- Associated Press - Sunday, April 10, 2016

AMARILLO, Texas (AP) - When Bruce Campbell got the news in 2012, it was a cold, gray day. One of his first thoughts would be if he’d live to see spring, his favorite time of the year. That was followed by the urge to get his affairs in order. That’s what hearing the sudden diagnosis of stage 4 lung cancer can do.

“I talked to my attorney and got my will all straightened out,” he said. “It was good therapy because I didn’t have time to think about what the inevitability was going to be.”

Last month, some four years later, Campbell, 81, ran in the Houston 5K Color Run. The four tumors in his left lung that seemed like a death sentence are all but gone.

“I do feel like it was a miracle,” he told the Amarillo Globe-News (https://bit.ly/235TxDl). “It’s a miracle drug. It’s the future of cancer treatment, and it’s exciting.”

The Time Magazine cover story last week is on immunotherapy, what oncologists are calling the most promising cancer breakthrough in decades, and likely ever. But there’s a “but” - there’s always a “but.”



The story also highlights the difference between the pace of scientific progress and the ability to deliver it to dying patients, and the clash between the priorities of scientists, drug companies and regulators on one side and anxious patients and their families on the other.

Campbell, former assistant to the general manager at Pantex, is one of the new treatment’s shining success stories - in both that he met the rigid specific standards for qualifying for the clinical trial, and that the drug worked just as doctors and researchers hoped.

“I was lucky. I was fortunate that I qualified,” Campbell said. “I think the Good Lord has his hand right on my shoulder.”

Cancer immunotherapy teaches the body’s immune system to seek out and destroy cancer cells like it fights off bacteria and viruses. Killer immune cells, known as T cells, are capable of that, but only if activated by specific new drugs.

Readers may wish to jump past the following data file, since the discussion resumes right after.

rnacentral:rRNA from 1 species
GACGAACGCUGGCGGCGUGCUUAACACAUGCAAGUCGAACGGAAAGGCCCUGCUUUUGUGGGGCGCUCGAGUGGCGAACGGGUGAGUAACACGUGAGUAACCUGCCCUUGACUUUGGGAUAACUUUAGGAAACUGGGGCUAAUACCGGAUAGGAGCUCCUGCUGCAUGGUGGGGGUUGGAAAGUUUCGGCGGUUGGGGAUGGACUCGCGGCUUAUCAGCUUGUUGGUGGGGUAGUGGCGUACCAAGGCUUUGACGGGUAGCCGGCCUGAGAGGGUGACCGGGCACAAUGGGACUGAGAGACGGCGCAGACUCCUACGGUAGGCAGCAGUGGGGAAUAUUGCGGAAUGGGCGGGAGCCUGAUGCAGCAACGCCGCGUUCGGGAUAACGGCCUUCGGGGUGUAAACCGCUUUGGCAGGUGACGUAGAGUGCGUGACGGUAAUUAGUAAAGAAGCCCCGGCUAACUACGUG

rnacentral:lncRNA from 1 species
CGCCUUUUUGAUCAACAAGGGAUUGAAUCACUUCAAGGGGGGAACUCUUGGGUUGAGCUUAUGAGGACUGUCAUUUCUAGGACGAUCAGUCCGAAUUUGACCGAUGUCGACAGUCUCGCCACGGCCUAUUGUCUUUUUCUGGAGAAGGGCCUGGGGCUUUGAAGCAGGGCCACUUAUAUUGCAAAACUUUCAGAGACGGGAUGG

What drugs, how much, and on what specific cancers are the focus of more than 3,400 clinical trials worldwide. Campbell won that version of the lottery back in 2013.

Two rounds of chemotherapy in Amarillo had not really done much. The tumors had not grown, but had not shrunk in size.

“My first visit to M.D. Anderson (in Houston) and also at Texas Oncology (in Amarillo), I said, ‘Man, if there is any experimental program, put me down as a candidate,’” Campbell said. “The first thing doctors told me, especially in Houston, was just to hang on. Great things are coming down the road.”

At M.D. Anderson, where Dr. James Allison was one of the medical pioneers in immunotherapy, Campbell was tested to see if he could enter a trial. Half the candidates don’t qualify.

Campbell had to endure another biopsy, a brain MRI, and was tested for a number of extremely specific markers. He met a key one for the PD-1 protein, which acts as an inhibitor to protect cancer cells from being attacked by the T cell.

New immunotherapy drugs work on the PD-1 protein, to release its brakes, and allow the T cell to attack the cancerous ones.

“Just waiting to see if you made it was pretty traumatic,” he said.

Campbell began the trial on Dec. 4, 2013. He traveled to M.D. Anderson to take the infusion drug - a $200,000 drug - for 30 minutes every three weeks for two years. No sickness like with chemotherapy.

The results were dramatic. His body was killing the cancer cells. In nine weeks, his tumors decreased by 26.9 percent, tumors that chemo didn’t touch. In four months, there was a 40.8 percent reduction.

By the end of the trial, and his last CT scan in October, his tumors had reduced by a hard-to-believe 72 percent.

“I would sit in a chair, they would plug me in, and boom, in 30 minutes it was over,” Campbell said. “I’d then go about my business.”

With just two small tumors left after the clinical trial, Campbell asked doctors in Houston if radiation might be able to kill what remained. They agreed to try. He took 15 treatments that ended on Feb. 19.

He and wife Carol Ann return to Houston for the 53rd time next week for one more CT scan. It’s certainly possible this will be his last trip, that the last of the deadly tumors are gone.

“We had to sign all kind of consent forms,” Campbell said, “and one was this drug is not provided to cure cancer. This is a clinical trial to determine the maximum amount of drug your body can handle. That brings you back to reality.”

Indeed, clinical trials are designed to answer scientific questions, not provide an immediate cure. For Campbell, his trial did both. He was not one of the 7 million annually who die from the disease.

In what could be groundbreaking treatment for cancer, science and human lives are trying to interweave. But much red tape still remains.

___

Information from: Amarillo Globe-News, https://www.amarillo.com

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